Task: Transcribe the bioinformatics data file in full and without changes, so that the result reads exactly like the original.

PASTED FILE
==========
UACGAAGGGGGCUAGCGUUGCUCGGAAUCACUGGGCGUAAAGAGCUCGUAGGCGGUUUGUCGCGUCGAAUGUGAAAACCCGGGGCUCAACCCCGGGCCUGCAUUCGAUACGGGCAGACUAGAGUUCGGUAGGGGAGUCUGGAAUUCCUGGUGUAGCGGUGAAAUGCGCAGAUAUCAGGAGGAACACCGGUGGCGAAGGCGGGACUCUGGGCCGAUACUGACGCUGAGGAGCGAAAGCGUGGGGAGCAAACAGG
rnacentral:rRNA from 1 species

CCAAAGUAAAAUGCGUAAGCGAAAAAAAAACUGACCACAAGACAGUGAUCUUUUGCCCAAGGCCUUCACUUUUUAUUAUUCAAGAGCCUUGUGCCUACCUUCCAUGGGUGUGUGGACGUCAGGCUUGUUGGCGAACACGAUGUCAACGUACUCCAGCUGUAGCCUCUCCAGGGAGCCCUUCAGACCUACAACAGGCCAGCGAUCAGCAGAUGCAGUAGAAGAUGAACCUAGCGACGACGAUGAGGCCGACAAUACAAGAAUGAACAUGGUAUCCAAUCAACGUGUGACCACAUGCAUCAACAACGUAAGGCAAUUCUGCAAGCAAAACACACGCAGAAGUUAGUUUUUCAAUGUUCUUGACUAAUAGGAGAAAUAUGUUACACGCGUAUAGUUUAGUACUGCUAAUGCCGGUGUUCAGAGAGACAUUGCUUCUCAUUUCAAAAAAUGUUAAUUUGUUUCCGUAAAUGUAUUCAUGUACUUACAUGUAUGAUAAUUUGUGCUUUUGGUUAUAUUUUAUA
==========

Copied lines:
UACGAAGGGGGCUAGCGUUGCUCGGAAUCACUGGGCGUAAAGAGCUCGUAGGCGGUUUGUCGCGUCGAAUGUGAAAACCCGGGGCUCAACCCCGGGCCUGCAUUCGAUACGGGCAGACUAGAGUUCGGUAGGGGAGUCUGGAAUUCCUGGUGUAGCGGUGAAAUGCGCAGAUAUCAGGAGGAACACCGGUGGCGAAGGCGGGACUCUGGGCCGAUACUGACGCUGAGGAGCGAAAGCGUGGGGAGCAAACAGG
rnacentral:rRNA from 1 species

CCAAAGUAAAAUGCGUAAGCGAAAAAAAAACUGACCACAAGACAGUGAUCUUUUGCCCAAGGCCUUCACUUUUUAUUAUUCAAGAGCCUUGUGCCUACCUUCCAUGGGUGUGUGGACGUCAGGCUUGUUGGCGAACACGAUGUCAACGUACUCCAGCUGUAGCCUCUCCAGGGAGCCCUUCAGACCUACAACAGGCCAGCGAUCAGCAGAUGCAGUAGAAGAUGAACCUAGCGACGACGAUGAGGCCGACAAUACAAGAAUGAACAUGGUAUCCAAUCAACGUGUGACCACAUGCAUCAACAACGUAAGGCAAUUCUGCAAGCAAAACACACGCAGAAGUUAGUUUUUCAAUGUUCUUGACUAAUAGGAGAAAUAUGUUACACGCGUAUAGUUUAGUACUGCUAAUGCCGGUGUUCAGAGAGACAUUGCUUCUCAUUUCAAAAAAUGUUAAUUUGUUUCCGUAAAUGUAUUCAUGUACUUACAUGUAUGAUAAUUUGUGCUUUUGGUUAUAUUUUAUA